Parameterization and its structure

Another macro trend you need to help you understand the arc of AI is parameterization. This roughly corresponds to how many pieces of information are used to formulate a problem solution.

Imagine an automated bartender. A single-parameter AI might consider only whether the bar is open when deciding whether to sell a beer.

  • If the bar is open, sell the beer.

But this isn't good enough to get a liquor license. You also have to make sure the customer is of legal drinking age. So we pursue a two-parameter solution:

  • If the bar is open and the customer's age > 21, sell the beer.

This passes the regulatory burden, but it's unneighborly to let someone continue drinking if they've had too much (more parameters). For business reasons we'll need to decline absurd orders and forbid service to known troublemakers (more parameters). And we should remember to withhold sales of special bottles being saved for the holiday party (even more parameters).

Some of these decisions require, themselves, a complex bundle of parameters. We might detect if someone has had too much to drink based on their age, gender, weight, and order history (add another ten or so parameters). Or analyze their gait and speech using security cameras (add a few million parameters).

As we approach the nuance humans use in the real world, the parameterization required to truly solve a problem grows and grows and grows. So too has the parameterization of our models over time.

The arc of parameterization

There are three rough checkpoints you should know about to understand the trends happening today.

Rule Systems: Human-sized Parameterization

The parameterization of rule systems is tightly coupled to the domain knowledge being represented. Each rule written down is roughly a parameter in the system, and the rules are arranged in an intentional way such that they're not independent of each other: some rules are contingent on others. In theory, careful structuring of rule dependencies could allow humans to add arbitrarily many special cases that only trigger in the right moment. But in practice writing and maintaining these special cases at scale is too hard for humans to do well.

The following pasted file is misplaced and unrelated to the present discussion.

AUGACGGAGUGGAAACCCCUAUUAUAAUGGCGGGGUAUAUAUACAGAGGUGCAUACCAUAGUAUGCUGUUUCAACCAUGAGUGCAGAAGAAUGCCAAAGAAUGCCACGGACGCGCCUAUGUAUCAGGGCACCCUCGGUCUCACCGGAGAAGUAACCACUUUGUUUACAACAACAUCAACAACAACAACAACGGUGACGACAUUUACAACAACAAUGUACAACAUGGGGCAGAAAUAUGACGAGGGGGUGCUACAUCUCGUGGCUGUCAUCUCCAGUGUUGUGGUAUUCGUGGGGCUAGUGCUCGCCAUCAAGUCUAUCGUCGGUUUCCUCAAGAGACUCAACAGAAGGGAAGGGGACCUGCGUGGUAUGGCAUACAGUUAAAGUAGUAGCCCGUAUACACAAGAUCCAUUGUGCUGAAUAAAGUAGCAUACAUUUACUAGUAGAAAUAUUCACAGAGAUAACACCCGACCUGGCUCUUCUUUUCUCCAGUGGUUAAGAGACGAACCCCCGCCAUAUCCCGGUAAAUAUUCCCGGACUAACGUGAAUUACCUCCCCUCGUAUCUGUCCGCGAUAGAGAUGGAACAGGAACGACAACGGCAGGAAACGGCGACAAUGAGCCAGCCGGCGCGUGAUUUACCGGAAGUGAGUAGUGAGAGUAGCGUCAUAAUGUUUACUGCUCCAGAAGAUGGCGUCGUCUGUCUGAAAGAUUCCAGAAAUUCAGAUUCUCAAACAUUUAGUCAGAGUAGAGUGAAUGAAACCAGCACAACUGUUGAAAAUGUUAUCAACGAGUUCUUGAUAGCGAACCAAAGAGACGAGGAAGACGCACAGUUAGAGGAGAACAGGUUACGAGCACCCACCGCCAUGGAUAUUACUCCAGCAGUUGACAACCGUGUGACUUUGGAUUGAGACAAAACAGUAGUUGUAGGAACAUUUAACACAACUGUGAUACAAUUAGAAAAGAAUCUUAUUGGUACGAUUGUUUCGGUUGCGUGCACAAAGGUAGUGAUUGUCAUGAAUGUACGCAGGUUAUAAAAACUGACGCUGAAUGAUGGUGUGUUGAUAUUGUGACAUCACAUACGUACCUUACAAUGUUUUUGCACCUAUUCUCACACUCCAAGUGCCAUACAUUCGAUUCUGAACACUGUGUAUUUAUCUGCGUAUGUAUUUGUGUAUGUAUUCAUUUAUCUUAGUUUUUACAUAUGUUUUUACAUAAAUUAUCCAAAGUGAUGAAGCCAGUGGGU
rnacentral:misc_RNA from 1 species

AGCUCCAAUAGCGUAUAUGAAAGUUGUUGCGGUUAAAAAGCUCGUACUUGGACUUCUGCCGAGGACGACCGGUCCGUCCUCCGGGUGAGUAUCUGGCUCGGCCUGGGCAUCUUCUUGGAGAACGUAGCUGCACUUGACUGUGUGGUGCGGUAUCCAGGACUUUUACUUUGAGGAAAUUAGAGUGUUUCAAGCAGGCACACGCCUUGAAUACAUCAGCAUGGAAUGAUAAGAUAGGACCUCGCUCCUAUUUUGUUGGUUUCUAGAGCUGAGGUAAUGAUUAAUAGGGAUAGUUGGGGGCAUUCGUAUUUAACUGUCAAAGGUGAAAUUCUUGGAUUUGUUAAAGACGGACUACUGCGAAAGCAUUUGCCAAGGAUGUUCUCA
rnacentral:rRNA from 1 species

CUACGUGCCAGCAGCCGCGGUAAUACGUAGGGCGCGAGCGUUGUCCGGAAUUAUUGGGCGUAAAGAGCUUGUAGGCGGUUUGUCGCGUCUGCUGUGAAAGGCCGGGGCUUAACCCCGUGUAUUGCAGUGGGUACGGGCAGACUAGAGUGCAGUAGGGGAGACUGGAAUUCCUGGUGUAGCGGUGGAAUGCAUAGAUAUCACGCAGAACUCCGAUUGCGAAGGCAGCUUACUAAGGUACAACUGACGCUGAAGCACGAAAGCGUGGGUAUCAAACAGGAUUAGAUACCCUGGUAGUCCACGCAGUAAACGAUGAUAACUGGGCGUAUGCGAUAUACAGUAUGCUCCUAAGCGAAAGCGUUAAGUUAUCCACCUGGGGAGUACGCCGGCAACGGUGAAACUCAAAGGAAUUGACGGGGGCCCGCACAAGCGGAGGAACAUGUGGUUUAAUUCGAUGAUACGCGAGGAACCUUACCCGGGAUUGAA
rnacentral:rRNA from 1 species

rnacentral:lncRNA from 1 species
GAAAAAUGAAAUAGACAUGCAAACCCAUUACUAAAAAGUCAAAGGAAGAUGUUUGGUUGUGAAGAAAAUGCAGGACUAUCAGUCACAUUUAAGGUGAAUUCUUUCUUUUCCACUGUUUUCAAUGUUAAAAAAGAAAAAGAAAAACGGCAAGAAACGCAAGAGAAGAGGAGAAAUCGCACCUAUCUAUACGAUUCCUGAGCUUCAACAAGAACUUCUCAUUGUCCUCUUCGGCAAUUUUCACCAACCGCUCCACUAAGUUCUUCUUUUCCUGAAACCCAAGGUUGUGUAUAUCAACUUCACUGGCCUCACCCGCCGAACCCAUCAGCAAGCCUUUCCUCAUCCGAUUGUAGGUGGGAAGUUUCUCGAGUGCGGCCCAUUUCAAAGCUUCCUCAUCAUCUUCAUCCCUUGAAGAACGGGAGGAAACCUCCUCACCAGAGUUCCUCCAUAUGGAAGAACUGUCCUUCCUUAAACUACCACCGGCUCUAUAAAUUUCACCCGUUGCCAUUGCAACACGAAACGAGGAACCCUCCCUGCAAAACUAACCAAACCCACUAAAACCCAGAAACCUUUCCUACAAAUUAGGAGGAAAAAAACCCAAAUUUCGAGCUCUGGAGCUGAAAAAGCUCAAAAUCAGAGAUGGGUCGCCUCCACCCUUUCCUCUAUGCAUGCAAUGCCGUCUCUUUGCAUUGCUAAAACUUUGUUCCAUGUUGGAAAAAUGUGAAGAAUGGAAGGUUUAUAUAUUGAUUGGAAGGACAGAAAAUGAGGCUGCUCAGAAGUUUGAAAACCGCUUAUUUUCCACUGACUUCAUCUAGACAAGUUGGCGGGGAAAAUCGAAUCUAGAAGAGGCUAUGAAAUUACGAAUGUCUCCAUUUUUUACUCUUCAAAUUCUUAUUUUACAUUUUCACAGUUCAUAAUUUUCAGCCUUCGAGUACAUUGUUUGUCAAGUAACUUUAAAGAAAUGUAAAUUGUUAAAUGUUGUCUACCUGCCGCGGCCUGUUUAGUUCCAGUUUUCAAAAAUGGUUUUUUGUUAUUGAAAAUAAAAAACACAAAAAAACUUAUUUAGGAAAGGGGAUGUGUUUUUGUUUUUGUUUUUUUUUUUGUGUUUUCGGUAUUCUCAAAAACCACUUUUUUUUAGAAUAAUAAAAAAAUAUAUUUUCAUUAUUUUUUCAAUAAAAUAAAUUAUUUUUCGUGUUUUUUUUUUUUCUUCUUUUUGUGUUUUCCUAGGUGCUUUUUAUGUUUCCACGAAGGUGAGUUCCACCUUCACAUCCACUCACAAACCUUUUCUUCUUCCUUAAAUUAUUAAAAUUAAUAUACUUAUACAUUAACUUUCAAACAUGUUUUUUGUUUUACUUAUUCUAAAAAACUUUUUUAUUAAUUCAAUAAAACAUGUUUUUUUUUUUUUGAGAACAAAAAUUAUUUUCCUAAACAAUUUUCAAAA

Machine Learning: Large but Unwieldy Parameterization

In the machine learning era, model parameterization increased dramatically via a practice called feature engineering. Engineers would write code to transform an input into every possible atomic descriptor that could be applied. A simple text document might be transformed into a list of:

  • every word in the document (each word is called a unigram)
  • every pair of words in the document (each pair is called a bigram)
  • every word stem of the above (the word stem of running is run-)
  • every word shape of the above (the word shape of Disney World man is Aaa Aaa aaa)
  • all of those, combined with the page number they were on
  • all of those, combined with the paragraph number they were in

And so on. This process would result in documents represented as arrays with millions of features. The power of this approach is that it's an easy way to represent a document in a way that computers can manipulate using math instead of language understanding. The computer can find a correlation between first names on a PDF form (Feature #4,304,884) coming immediately after the bigram First Name (Feature #12,443,129).

But this approach had a serious problem: overfit. Programmers were expanding the parameter space beyond their ability to meaningfully engineer (via problem representation) or learn (via parameter tuning) structures about how these features should or shouldn't interact with each other. And thus there was often nothing stopping the model from simply memorizing all the first names in the training set, because they were present as part of the problem representation as well (John Doe - Feature #1,123,124; Jane Smith - Feature #6,222,132).

Deep Learning: Jaw-droppingly Enormous Parameterization

In the deep learning era, model parameterization has grown once more, making the size of classic models appear small by comparison. Parameters of the world's best language models are now in the tens of billions.

When these monster-sized models were first introduced, many machine learning practitioners recoiled — wasn't this a guarantee for overfit disaster? But it soon became apparent that something else was going on. Because deep learning involves learning a problem's representation alongside its solution, the representation can adopt nested structures that fight overfit in the solution — almost like a rule system hidden within it.

This is a drastic simplification, and there are many other things at play like large datasets and overfit-reducing training strategies, but in general the takeaway you should have is this: deep learning models are capable of incorporating breathtaking volumes of information in their decision-making process. This is fantastic for performance (greater nuance for our automated bartender) but also a cause for caution and oversight (unwanted correlations in the decision-making process).